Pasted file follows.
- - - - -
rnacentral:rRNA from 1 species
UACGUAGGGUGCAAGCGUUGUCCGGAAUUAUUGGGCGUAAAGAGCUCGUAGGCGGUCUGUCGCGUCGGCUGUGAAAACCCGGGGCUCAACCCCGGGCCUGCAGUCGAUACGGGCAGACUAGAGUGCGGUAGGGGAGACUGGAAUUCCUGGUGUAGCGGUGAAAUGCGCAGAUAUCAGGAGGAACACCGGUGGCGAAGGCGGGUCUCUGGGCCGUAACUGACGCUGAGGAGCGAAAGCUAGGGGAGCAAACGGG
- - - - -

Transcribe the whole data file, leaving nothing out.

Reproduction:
rnacentral:rRNA from 1 species
UACGUAGGGUGCAAGCGUUGUCCGGAAUUAUUGGGCGUAAAGAGCUCGUAGGCGGUCUGUCGCGUCGGCUGUGAAAACCCGGGGCUCAACCCCGGGCCUGCAGUCGAUACGGGCAGACUAGAGUGCGGUAGGGGAGACUGGAAUUCCUGGUGUAGCGGUGAAAUGCGCAGAUAUCAGGAGGAACACCGGUGGCGAAGGCGGGUCUCUGGGCCGUAACUGACGCUGAGGAGCGAAAGCUAGGGGAGCAAACGGG